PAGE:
The judges didn’t count any of them, though.

Having to settle for official lifts below his new bests, a frustrated Prince was more motivated than ever to lift competitively. His sites were set on the North American Championship Powerlifting Meet.

“I was gonna blow everyone out of the water.” Prince declared.

But then, he found inspiration from a higher power, experiencing a premonition from God whilst training.

“I got the calling to better myself, but not for myself.”

Prince felt the need to help others, but didn’t have the financial means to do so. That’s when he decided to use his power lifting in a fund raising capacity. He immediately went about seeking out non-profit organizations for which to lift, as he wasn’t sure how to pull off the charitable act logistically. Yet he could not find a good fit.

Which takes us back to Cara Santos.

The Princes explained there hopes to help to their friend Santos. So she asked the question.

“Would you ever do it for a kid?”

This was the question that set everything in motion. Justin and Courtney figured out the logistics issues with fund raising. Fears of rejection by the family and questions of whether or not he was good enough to be doing this evaporated when Prince met the family at a Barnes and Noble and saw their extremely positive reaction to the idea. Everything just seemed to fit into its proper place.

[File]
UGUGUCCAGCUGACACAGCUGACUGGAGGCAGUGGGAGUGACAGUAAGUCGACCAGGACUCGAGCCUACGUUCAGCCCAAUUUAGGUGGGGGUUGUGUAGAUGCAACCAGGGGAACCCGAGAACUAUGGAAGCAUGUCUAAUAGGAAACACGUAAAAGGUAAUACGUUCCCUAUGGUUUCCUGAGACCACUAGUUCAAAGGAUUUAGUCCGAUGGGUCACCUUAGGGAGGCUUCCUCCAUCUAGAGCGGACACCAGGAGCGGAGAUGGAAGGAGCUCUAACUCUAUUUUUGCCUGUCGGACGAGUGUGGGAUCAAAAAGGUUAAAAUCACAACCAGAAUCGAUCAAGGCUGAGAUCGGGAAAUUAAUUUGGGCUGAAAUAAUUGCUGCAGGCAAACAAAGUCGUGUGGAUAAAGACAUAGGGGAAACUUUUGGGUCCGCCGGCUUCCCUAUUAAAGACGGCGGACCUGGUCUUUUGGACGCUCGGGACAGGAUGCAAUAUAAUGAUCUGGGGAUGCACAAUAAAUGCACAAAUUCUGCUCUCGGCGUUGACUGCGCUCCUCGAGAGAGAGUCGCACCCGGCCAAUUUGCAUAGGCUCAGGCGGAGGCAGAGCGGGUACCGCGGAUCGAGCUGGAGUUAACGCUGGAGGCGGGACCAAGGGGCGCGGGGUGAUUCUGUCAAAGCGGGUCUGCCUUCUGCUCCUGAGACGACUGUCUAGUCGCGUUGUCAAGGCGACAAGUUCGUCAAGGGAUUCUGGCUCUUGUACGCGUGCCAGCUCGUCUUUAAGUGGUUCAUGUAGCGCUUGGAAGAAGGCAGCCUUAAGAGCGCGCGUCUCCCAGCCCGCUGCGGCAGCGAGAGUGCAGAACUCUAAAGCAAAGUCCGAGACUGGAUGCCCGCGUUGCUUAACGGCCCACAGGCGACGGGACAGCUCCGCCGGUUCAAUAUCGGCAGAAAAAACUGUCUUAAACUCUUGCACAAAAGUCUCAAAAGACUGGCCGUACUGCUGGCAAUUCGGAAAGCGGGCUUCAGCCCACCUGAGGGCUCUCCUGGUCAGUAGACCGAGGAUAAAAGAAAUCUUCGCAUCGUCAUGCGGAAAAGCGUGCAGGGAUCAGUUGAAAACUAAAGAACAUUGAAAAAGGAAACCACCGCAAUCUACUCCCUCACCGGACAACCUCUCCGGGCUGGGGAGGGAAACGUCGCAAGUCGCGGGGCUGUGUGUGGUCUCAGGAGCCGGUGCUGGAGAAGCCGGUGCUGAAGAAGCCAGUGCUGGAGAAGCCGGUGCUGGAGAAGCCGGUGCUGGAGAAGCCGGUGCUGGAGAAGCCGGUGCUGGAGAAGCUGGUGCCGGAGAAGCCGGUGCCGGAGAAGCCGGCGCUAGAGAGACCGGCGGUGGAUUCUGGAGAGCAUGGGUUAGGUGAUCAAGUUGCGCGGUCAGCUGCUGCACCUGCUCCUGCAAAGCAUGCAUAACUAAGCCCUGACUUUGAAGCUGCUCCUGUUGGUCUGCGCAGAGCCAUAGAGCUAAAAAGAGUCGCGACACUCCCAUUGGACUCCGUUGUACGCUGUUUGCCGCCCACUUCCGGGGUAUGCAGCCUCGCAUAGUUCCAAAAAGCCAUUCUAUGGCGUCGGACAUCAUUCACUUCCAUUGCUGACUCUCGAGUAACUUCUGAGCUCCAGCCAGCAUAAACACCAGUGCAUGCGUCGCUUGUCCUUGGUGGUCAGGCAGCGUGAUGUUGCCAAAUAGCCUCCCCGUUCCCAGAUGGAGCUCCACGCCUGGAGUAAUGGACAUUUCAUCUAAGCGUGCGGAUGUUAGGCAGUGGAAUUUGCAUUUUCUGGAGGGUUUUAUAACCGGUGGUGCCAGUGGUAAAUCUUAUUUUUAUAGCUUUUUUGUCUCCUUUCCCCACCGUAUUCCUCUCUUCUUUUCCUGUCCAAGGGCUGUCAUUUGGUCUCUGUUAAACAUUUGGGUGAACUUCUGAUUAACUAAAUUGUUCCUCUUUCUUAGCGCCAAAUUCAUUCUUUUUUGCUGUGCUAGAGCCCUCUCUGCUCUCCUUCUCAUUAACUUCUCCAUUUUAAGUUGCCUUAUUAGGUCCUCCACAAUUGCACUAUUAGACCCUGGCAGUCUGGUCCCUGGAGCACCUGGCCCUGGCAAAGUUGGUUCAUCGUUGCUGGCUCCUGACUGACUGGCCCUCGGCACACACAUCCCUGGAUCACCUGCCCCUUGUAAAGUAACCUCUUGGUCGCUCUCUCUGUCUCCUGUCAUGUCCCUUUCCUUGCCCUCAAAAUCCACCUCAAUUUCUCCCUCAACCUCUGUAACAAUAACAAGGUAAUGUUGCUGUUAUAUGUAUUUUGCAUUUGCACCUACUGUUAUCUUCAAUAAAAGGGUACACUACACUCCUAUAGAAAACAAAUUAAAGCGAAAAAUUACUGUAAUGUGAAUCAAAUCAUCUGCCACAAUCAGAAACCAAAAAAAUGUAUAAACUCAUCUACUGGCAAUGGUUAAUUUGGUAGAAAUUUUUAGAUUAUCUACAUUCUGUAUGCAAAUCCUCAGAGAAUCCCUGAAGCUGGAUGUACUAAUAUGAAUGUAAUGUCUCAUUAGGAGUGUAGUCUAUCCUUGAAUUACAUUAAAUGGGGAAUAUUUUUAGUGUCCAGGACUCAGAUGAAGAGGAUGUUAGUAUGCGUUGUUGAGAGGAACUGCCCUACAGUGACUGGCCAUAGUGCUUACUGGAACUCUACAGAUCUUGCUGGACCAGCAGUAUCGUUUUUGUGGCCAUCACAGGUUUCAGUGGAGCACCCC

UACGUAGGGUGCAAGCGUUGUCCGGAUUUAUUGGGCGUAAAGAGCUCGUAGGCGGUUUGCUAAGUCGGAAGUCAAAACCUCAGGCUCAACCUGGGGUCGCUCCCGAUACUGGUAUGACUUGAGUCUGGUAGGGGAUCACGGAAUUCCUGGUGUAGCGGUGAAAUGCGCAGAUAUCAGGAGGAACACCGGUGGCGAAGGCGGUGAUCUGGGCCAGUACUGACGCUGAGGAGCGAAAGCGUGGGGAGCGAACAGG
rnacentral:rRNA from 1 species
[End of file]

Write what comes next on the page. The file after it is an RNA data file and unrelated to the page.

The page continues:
“I can tell you this,” Prince said, “Gavin is a lovable kid.”

That lovable kid has gone through things no one, child or adult, should every have to go through. The Leukemia has stunted his development. His weakened immune system from the lack of red blood cells makes him very susceptible to disease. He’s dealt with staff infection. Chemotherapy makes him lethargic a good portion of the time.

It’s all worth it, though, as he is going into remission.

Prince is compelled to help. He started Reps4Remission, designed to help the Leiba family, people can pledge money per pound he lifts at the North American Championships, starting at a penny per pound. They can also purchase Reps4Remission t-shirts. Both of these methods of contributing, as well as more information on the Leiba family and Prince, can be found at www.reps4remission.com.

By the way, the website, designed and maintained by Courtney, and the t-shirts, as well as the $100 worth of supplements Prince takes each week all come out of pocket, and will not be reimbursed by donations. Every cent donated to the cause will go directly to the Leiba family.

Not sure what a realistic monetary goal would be, Prince’s goal is to get one-hundred people to pledge. At the time of printing, he has twenty-eight with under a month to go.

Since taking this mission on, people have approached Prince about what he’s doing. They want to tell him what a good thing he’s trying to do, but he won’t have any of it.

“I never want anyone to tell me thanks.” Prince admitted. “We’ve been more blessed by doing this than we’ve blessed others.”

Well, that’s just too bad. Because I’m going to say thank you anyway.

Thank you, Justin. Thank you.

© 2014 – 2016, Forrest Church. All rights reserved.